It’s Credo Friday. Here’s another bit at the core of what I believe.

In I and Thou, Martin Buber invokes the Latin phrase, “Mundus vult decipi” that means “the world wants to be deceived.”

In the 2000s, fictional TV doctor Gregory House’s catchphrase was, “Everybody lies.”

Marketers, media pundits and psychologists discuss the phenomena of confirmation bias – my tendency is to hear (not just listen to but only consciously register) information that agrees with my beliefs and the conclusions to which I have already come.

I believe the world’s fatal flaw is our inclination to be deceived, to deceive others and to deceive ourselves. As the great Italian philosopher Billy Joel has said, “…if you look for truthfulness You might just as well be blind It always seems to be so hard to give…” We hide the truth and the truth is hidden from us.

Saintly curmudgeon, Stanley Hauerwas, in an address to graduates gave them this advice, ““Do not lie.”

He went on to say:

You have to be thinking: “Is that it?” Is that all he has to say? I have to sit here and listen to someone who tells me what I already know?” I am sure you think you do not need me, in my profession as a moralist or even in the role as a graduation speaker, to tell you never to lie. You may not remember when or where you learned not to lie but long before this day you knew that though in some circumstances you may have to say what is less than true, in general lying should be avoided.
Yet the general agreement that lying should be avoided masks our confusions about what constitutes a lie. Lying may be rightly understood as intentionally saying what we know to be false in order to deceive, but it turns out we often are unsure we know what is true. Thus the Austrian-British philosopher, Wittgenstein, remark in Culture and Value that “the truth can be spoken only by someone who is already at home in it, not by someone who still lives in untruthfulness, & does no more than reach out towards it from within untruthfulness.”

In my almost 4 decades as a follower of Jesus and 3 decades as a pastor of one sort or another, I can’t think of anything I could tell another Christian about living out their pledge of allegiance to Jesus that is more important, more effective and more helpful to doing life together than, “Do not lie.” And, as Hauerwas points out, it seems simple and obvious and like one of the basics that all followers of Jesus learn to do right from the start – but we don’t do it.

And we suffer because of it. And the world suffers. All of our relationships suffer. At the end of the day, your own sense of self suffers because of our unwillingness to give up lies.

We’re big on big truths, truths that make us feel right and we lean into about the ‘wrongness’ of others. But the essential things are always the little and small things, the simple elements that make up real life. All of our big truths only have authority when they can rest comfortably on top of all the little things about which we’ve been honest.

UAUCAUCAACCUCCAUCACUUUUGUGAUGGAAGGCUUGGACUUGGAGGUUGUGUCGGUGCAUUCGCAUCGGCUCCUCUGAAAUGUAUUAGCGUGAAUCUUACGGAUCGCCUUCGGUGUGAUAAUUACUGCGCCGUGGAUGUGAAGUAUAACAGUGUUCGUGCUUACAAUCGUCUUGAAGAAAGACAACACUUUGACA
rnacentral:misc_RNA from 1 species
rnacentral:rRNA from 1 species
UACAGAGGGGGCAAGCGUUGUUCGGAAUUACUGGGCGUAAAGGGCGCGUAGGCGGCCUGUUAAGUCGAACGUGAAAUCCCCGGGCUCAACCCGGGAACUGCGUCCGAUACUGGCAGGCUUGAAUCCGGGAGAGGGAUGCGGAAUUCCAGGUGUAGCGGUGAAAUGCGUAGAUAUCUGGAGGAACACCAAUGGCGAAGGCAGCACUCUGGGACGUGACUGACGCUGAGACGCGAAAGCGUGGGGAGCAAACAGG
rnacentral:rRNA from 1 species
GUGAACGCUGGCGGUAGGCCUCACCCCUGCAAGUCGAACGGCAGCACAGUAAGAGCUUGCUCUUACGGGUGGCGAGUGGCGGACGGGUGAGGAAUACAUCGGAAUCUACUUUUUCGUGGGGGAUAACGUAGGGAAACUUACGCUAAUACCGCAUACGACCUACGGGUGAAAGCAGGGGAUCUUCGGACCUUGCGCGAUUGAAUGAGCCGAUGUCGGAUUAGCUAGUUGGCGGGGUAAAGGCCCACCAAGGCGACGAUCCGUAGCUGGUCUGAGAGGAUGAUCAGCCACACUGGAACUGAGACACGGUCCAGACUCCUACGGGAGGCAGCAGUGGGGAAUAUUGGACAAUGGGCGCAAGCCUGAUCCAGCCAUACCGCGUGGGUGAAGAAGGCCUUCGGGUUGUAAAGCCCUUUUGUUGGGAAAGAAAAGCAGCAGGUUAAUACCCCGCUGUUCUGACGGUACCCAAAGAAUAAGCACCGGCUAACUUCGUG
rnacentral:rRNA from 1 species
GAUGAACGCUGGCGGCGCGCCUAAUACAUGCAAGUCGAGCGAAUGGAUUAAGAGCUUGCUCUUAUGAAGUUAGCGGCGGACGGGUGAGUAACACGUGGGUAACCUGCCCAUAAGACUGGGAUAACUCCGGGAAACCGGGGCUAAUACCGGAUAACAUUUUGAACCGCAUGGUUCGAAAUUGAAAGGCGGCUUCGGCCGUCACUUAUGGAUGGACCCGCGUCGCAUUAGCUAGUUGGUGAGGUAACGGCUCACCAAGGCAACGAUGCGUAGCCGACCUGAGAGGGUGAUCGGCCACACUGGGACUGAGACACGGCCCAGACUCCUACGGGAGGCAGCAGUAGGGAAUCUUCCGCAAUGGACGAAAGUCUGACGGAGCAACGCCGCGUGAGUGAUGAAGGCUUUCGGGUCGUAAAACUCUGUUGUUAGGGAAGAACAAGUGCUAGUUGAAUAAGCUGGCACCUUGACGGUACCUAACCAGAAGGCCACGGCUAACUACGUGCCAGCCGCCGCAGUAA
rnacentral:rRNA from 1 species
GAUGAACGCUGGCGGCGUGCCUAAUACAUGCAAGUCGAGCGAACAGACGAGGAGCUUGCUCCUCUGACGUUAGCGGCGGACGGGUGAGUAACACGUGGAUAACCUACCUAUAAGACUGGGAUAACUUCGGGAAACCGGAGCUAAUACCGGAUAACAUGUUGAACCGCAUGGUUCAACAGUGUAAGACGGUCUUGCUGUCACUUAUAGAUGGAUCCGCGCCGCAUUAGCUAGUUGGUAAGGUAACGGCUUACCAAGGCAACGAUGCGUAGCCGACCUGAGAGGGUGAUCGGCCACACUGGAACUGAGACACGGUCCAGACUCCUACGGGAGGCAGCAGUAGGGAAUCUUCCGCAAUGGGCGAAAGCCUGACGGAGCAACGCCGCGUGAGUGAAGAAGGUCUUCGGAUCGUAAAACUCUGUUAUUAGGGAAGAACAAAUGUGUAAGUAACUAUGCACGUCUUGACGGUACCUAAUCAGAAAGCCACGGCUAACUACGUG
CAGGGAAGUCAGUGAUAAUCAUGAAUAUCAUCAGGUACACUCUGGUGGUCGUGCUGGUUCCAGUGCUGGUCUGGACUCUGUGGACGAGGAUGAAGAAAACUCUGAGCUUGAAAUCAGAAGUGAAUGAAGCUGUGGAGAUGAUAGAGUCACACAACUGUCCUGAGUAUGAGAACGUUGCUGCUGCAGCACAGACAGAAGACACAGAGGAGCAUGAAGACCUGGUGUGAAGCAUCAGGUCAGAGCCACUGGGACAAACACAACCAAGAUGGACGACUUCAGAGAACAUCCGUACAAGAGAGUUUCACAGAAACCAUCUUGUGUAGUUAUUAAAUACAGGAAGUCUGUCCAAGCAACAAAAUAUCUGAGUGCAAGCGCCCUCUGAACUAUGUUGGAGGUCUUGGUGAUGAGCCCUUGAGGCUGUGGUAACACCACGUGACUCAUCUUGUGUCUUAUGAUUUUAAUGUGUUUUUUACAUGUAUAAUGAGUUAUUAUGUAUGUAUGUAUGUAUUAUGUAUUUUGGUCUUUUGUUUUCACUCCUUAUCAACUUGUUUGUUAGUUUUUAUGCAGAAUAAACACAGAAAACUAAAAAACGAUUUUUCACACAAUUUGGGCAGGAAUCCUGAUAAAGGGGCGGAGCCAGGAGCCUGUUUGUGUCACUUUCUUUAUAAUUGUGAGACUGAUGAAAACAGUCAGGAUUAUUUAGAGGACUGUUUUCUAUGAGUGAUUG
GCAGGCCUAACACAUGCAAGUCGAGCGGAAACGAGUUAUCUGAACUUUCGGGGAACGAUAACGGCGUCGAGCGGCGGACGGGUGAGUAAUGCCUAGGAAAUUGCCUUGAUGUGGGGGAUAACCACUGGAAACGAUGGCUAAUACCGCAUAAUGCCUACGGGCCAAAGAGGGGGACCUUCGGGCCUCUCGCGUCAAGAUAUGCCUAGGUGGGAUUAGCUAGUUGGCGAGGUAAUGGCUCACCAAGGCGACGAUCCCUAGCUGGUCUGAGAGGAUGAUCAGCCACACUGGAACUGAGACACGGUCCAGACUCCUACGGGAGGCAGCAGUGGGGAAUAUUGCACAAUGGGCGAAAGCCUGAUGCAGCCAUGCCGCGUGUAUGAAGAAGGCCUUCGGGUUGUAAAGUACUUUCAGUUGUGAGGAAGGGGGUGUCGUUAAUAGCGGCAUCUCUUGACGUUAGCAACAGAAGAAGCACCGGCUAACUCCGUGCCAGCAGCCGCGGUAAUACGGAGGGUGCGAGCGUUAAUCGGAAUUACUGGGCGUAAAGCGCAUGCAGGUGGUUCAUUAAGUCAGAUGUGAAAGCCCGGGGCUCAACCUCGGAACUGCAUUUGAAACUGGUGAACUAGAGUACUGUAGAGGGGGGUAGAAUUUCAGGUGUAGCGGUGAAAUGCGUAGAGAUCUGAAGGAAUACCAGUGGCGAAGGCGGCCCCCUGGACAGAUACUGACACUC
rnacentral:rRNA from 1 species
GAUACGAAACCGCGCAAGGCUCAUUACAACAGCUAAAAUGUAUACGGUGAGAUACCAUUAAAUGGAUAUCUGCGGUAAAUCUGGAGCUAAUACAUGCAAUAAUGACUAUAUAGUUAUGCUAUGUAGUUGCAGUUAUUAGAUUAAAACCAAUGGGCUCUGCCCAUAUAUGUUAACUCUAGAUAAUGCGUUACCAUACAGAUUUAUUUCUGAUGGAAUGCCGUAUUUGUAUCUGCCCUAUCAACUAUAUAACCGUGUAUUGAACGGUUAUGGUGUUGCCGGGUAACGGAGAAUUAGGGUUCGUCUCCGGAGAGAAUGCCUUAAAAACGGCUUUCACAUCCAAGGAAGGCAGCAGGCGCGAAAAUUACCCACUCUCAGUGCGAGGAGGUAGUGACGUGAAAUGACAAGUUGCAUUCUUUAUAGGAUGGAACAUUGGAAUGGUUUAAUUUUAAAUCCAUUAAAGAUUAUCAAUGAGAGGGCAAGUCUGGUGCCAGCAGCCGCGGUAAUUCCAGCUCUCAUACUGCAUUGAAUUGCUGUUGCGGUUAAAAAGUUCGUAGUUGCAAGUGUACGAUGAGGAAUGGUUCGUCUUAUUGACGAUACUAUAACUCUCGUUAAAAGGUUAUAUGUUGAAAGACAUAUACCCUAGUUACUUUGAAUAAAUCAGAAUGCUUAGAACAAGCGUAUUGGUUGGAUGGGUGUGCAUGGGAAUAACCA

I saw a movie years ago, The Invention of Lying, where the genius of Ricky Gervais fails this once by confusing telling the truth with being mean. The movie suggests that a little bit of lying makes the world a better place because it saves us from going around all the time telling people they’re fat, dumb and ugly. Saying everything that passes through your mind is not the same thing as “do not lie.” Saying things that you feel or believe are true in a cruel, mean or careless way is not the same thing as “do not lie.” “Shooting from the hip” and “calling it like I see it” is not the same thing as “do not lie.”

I say this because some of us, like Ricky, see “do not lie” as license to hurt others or an invitation to live in a world where all of our insecurities will be exposed and used as fodder for someone else’s cruelty. People who use “do not lie” in that way are bullies, plain and simple. Jesus was never, is never and will never be a bully. So we shouldn’t be either.

In Recovery we have one of those bumper sticker sayings, those clichés that we hear so casually that we sometimes miss the importance of it, “we’re only as sick as our secrets.” From the Fall story to our fictious lives on social media where our tendency is to compare our best moments and carefully crop our reality, our desire is still to cover things up. We cover things over, deny, and pretend the Emperor has clothes on and that I can see them – and all this does – this practice of lying, is break down community, hinder my relationship with God and distort my vision of others and myself.

So I encourage myself all the time with “do not lie.” And I tell myself and others, “Question everything.” God is never afraid of the truth. Healthy leaders welcome questions. People who want to grow emotionally, spiritually and relationally will practice not lying. We all grow best in soil that is rich in the truth.

Published by APastor'sStory

Trying to squeeze this life for all the juice I can get out of it.

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